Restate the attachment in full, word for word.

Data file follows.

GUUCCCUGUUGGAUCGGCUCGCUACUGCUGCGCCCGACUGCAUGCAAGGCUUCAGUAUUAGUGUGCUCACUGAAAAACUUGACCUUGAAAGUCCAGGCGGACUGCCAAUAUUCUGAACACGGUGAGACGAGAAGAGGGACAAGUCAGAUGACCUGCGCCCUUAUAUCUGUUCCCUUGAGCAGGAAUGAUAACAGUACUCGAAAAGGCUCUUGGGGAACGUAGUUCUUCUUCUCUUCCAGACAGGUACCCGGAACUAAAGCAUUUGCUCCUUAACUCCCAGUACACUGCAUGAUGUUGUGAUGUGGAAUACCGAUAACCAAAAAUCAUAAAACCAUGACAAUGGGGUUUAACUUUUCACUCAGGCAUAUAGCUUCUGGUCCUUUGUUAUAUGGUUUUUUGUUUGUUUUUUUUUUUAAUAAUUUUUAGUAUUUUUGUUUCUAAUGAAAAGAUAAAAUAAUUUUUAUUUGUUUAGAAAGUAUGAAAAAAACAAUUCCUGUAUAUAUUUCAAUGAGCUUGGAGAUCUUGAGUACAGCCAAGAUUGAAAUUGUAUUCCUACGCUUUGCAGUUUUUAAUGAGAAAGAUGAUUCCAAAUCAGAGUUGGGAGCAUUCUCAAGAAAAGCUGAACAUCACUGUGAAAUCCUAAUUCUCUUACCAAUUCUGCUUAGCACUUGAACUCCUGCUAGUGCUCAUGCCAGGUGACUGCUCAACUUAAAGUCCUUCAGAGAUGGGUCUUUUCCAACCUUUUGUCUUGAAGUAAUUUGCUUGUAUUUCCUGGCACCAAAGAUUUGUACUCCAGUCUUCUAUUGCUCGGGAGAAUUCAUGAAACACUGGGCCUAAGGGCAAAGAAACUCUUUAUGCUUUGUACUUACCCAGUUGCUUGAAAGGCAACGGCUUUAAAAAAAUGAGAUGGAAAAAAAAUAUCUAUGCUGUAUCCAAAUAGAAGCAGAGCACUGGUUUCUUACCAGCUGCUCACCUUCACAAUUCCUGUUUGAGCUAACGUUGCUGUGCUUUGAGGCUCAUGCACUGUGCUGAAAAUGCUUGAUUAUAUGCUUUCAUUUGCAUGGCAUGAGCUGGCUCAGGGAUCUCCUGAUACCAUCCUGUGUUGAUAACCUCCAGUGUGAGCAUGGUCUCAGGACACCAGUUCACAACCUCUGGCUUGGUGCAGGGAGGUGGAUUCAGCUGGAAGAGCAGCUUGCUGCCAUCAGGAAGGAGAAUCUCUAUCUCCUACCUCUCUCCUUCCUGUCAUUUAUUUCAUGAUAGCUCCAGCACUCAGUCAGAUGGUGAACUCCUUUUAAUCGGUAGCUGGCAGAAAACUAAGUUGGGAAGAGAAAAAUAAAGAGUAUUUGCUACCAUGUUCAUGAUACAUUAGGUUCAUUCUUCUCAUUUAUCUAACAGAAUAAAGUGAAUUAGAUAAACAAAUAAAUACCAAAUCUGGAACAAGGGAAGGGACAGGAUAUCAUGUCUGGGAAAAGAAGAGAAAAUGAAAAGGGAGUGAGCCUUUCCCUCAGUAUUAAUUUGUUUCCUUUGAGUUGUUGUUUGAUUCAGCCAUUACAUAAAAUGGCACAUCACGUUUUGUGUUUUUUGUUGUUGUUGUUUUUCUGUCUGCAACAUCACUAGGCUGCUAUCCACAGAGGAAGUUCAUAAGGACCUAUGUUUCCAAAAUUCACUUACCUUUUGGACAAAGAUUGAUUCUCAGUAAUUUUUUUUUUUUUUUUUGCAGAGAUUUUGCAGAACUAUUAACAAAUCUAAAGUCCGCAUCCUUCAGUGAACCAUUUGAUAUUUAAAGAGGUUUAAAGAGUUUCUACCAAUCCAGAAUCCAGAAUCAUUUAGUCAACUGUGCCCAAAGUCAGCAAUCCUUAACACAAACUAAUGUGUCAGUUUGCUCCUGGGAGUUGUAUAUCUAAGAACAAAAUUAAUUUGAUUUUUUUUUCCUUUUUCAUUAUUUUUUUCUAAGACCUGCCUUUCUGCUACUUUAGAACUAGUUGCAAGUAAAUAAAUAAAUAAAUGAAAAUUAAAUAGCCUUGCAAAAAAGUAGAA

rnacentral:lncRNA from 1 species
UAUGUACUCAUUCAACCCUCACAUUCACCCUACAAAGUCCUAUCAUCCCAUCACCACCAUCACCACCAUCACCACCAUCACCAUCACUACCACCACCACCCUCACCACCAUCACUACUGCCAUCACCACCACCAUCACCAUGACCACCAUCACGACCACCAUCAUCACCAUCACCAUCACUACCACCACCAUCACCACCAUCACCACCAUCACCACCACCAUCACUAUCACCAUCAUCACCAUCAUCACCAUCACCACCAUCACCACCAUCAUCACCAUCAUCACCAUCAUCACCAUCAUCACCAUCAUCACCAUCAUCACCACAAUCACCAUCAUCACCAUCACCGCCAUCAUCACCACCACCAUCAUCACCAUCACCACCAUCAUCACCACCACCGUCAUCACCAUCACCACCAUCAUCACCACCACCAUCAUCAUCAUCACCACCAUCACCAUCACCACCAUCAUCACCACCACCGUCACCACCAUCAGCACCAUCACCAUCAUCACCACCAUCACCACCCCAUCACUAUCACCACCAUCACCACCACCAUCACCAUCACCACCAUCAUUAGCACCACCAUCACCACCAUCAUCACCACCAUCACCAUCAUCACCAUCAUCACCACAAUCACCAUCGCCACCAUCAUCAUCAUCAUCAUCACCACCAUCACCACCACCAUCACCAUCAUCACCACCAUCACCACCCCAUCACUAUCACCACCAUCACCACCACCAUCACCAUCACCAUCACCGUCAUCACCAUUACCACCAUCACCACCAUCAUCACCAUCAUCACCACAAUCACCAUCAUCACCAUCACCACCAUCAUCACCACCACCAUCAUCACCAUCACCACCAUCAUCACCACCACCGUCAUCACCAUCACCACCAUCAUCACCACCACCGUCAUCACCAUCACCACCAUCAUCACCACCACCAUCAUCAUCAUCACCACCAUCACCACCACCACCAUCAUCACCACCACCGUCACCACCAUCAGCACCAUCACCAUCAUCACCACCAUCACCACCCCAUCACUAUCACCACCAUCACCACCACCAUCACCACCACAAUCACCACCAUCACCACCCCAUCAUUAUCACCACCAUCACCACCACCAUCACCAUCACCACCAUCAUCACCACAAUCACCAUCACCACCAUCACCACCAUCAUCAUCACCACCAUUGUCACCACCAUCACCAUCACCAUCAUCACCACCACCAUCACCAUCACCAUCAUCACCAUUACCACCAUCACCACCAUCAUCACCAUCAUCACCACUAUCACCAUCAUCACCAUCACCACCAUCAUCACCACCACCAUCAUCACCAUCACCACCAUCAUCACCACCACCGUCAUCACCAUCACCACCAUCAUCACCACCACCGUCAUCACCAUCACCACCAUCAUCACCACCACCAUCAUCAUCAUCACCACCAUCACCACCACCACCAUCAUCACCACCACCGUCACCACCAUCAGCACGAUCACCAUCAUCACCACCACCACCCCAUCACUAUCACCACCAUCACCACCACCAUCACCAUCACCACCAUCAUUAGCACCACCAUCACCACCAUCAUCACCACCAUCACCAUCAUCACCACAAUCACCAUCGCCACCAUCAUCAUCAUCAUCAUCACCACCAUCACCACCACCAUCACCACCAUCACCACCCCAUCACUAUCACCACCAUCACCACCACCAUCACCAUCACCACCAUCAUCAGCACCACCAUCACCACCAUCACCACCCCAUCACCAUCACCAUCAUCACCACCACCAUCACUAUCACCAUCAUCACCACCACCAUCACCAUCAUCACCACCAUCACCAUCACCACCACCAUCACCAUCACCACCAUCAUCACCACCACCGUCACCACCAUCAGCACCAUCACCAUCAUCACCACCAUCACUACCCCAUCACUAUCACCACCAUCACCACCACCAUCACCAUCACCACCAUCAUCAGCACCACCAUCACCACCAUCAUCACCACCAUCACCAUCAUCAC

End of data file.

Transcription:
GUUCCCUGUUGGAUCGGCUCGCUACUGCUGCGCCCGACUGCAUGCAAGGCUUCAGUAUUAGUGUGCUCACUGAAAAACUUGACCUUGAAAGUCCAGGCGGACUGCCAAUAUUCUGAACACGGUGAGACGAGAAGAGGGACAAGUCAGAUGACCUGCGCCCUUAUAUCUGUUCCCUUGAGCAGGAAUGAUAACAGUACUCGAAAAGGCUCUUGGGGAACGUAGUUCUUCUUCUCUUCCAGACAGGUACCCGGAACUAAAGCAUUUGCUCCUUAACUCCCAGUACACUGCAUGAUGUUGUGAUGUGGAAUACCGAUAACCAAAAAUCAUAAAACCAUGACAAUGGGGUUUAACUUUUCACUCAGGCAUAUAGCUUCUGGUCCUUUGUUAUAUGGUUUUUUGUUUGUUUUUUUUUUUAAUAAUUUUUAGUAUUUUUGUUUCUAAUGAAAAGAUAAAAUAAUUUUUAUUUGUUUAGAAAGUAUGAAAAAAACAAUUCCUGUAUAUAUUUCAAUGAGCUUGGAGAUCUUGAGUACAGCCAAGAUUGAAAUUGUAUUCCUACGCUUUGCAGUUUUUAAUGAGAAAGAUGAUUCCAAAUCAGAGUUGGGAGCAUUCUCAAGAAAAGCUGAACAUCACUGUGAAAUCCUAAUUCUCUUACCAAUUCUGCUUAGCACUUGAACUCCUGCUAGUGCUCAUGCCAGGUGACUGCUCAACUUAAAGUCCUUCAGAGAUGGGUCUUUUCCAACCUUUUGUCUUGAAGUAAUUUGCUUGUAUUUCCUGGCACCAAAGAUUUGUACUCCAGUCUUCUAUUGCUCGGGAGAAUUCAUGAAACACUGGGCCUAAGGGCAAAGAAACUCUUUAUGCUUUGUACUUACCCAGUUGCUUGAAAGGCAACGGCUUUAAAAAAAUGAGAUGGAAAAAAAAUAUCUAUGCUGUAUCCAAAUAGAAGCAGAGCACUGGUUUCUUACCAGCUGCUCACCUUCACAAUUCCUGUUUGAGCUAACGUUGCUGUGCUUUGAGGCUCAUGCACUGUGCUGAAAAUGCUUGAUUAUAUGCUUUCAUUUGCAUGGCAUGAGCUGGCUCAGGGAUCUCCUGAUACCAUCCUGUGUUGAUAACCUCCAGUGUGAGCAUGGUCUCAGGACACCAGUUCACAACCUCUGGCUUGGUGCAGGGAGGUGGAUUCAGCUGGAAGAGCAGCUUGCUGCCAUCAGGAAGGAGAAUCUCUAUCUCCUACCUCUCUCCUUCCUGUCAUUUAUUUCAUGAUAGCUCCAGCACUCAGUCAGAUGGUGAACUCCUUUUAAUCGGUAGCUGGCAGAAAACUAAGUUGGGAAGAGAAAAAUAAAGAGUAUUUGCUACCAUGUUCAUGAUACAUUAGGUUCAUUCUUCUCAUUUAUCUAACAGAAUAAAGUGAAUUAGAUAAACAAAUAAAUACCAAAUCUGGAACAAGGGAAGGGACAGGAUAUCAUGUCUGGGAAAAGAAGAGAAAAUGAAAAGGGAGUGAGCCUUUCCCUCAGUAUUAAUUUGUUUCCUUUGAGUUGUUGUUUGAUUCAGCCAUUACAUAAAAUGGCACAUCACGUUUUGUGUUUUUUGUUGUUGUUGUUUUUCUGUCUGCAACAUCACUAGGCUGCUAUCCACAGAGGAAGUUCAUAAGGACCUAUGUUUCCAAAAUUCACUUACCUUUUGGACAAAGAUUGAUUCUCAGUAAUUUUUUUUUUUUUUUUUGCAGAGAUUUUGCAGAACUAUUAACAAAUCUAAAGUCCGCAUCCUUCAGUGAACCAUUUGAUAUUUAAAGAGGUUUAAAGAGUUUCUACCAAUCCAGAAUCCAGAAUCAUUUAGUCAACUGUGCCCAAAGUCAGCAAUCCUUAACACAAACUAAUGUGUCAGUUUGCUCCUGGGAGUUGUAUAUCUAAGAACAAAAUUAAUUUGAUUUUUUUUUCCUUUUUCAUUAUUUUUUUCUAAGACCUGCCUUUCUGCUACUUUAGAACUAGUUGCAAGUAAAUAAAUAAAUAAAUGAAAAUUAAAUAGCCUUGCAAAAAAGUAGAA

rnacentral:lncRNA from 1 species
UAUGUACUCAUUCAACCCUCACAUUCACCCUACAAAGUCCUAUCAUCCCAUCACCACCAUCACCACCAUCACCACCAUCACCAUCACUACCACCACCACCCUCACCACCAUCACUACUGCCAUCACCACCACCAUCACCAUGACCACCAUCACGACCACCAUCAUCACCAUCACCAUCACUACCACCACCAUCACCACCAUCACCACCAUCACCACCACCAUCACUAUCACCAUCAUCACCAUCAUCACCAUCACCACCAUCACCACCAUCAUCACCAUCAUCACCAUCAUCACCAUCAUCACCAUCAUCACCAUCAUCACCACAAUCACCAUCAUCACCAUCACCGCCAUCAUCACCACCACCAUCAUCACCAUCACCACCAUCAUCACCACCACCGUCAUCACCAUCACCACCAUCAUCACCACCACCAUCAUCAUCAUCACCACCAUCACCAUCACCACCAUCAUCACCACCACCGUCACCACCAUCAGCACCAUCACCAUCAUCACCACCAUCACCACCCCAUCACUAUCACCACCAUCACCACCACCAUCACCAUCACCACCAUCAUUAGCACCACCAUCACCACCAUCAUCACCACCAUCACCAUCAUCACCAUCAUCACCACAAUCACCAUCGCCACCAUCAUCAUCAUCAUCAUCACCACCAUCACCACCACCAUCACCAUCAUCACCACCAUCACCACCCCAUCACUAUCACCACCAUCACCACCACCAUCACCAUCACCAUCACCGUCAUCACCAUUACCACCAUCACCACCAUCAUCACCAUCAUCACCACAAUCACCAUCAUCACCAUCACCACCAUCAUCACCACCACCAUCAUCACCAUCACCACCAUCAUCACCACCACCGUCAUCACCAUCACCACCAUCAUCACCACCACCGUCAUCACCAUCACCACCAUCAUCACCACCACCAUCAUCAUCAUCACCACCAUCACCACCACCACCAUCAUCACCACCACCGUCACCACCAUCAGCACCAUCACCAUCAUCACCACCAUCACCACCCCAUCACUAUCACCACCAUCACCACCACCAUCACCACCACAAUCACCACCAUCACCACCCCAUCAUUAUCACCACCAUCACCACCACCAUCACCAUCACCACCAUCAUCACCACAAUCACCAUCACCACCAUCACCACCAUCAUCAUCACCACCAUUGUCACCACCAUCACCAUCACCAUCAUCACCACCACCAUCACCAUCACCAUCAUCACCAUUACCACCAUCACCACCAUCAUCACCAUCAUCACCACUAUCACCAUCAUCACCAUCACCACCAUCAUCACCACCACCAUCAUCACCAUCACCACCAUCAUCACCACCACCGUCAUCACCAUCACCACCAUCAUCACCACCACCGUCAUCACCAUCACCACCAUCAUCACCACCACCAUCAUCAUCAUCACCACCAUCACCACCACCACCAUCAUCACCACCACCGUCACCACCAUCAGCACGAUCACCAUCAUCACCACCACCACCCCAUCACUAUCACCACCAUCACCACCACCAUCACCAUCACCACCAUCAUUAGCACCACCAUCACCACCAUCAUCACCACCAUCACCAUCAUCACCACAAUCACCAUCGCCACCAUCAUCAUCAUCAUCAUCACCACCAUCACCACCACCAUCACCACCAUCACCACCCCAUCACUAUCACCACCAUCACCACCACCAUCACCAUCACCACCAUCAUCAGCACCACCAUCACCACCAUCACCACCCCAUCACCAUCACCAUCAUCACCACCACCAUCACUAUCACCAUCAUCACCACCACCAUCACCAUCAUCACCACCAUCACCAUCACCACCACCAUCACCAUCACCACCAUCAUCACCACCACCGUCACCACCAUCAGCACCAUCACCAUCAUCACCACCAUCACUACCCCAUCACUAUCACCACCAUCACCACCACCAUCACCAUCACCACCAUCAUCAGCACCACCAUCACCACCAUCAUCACCACCAUCACCAUCAUCAC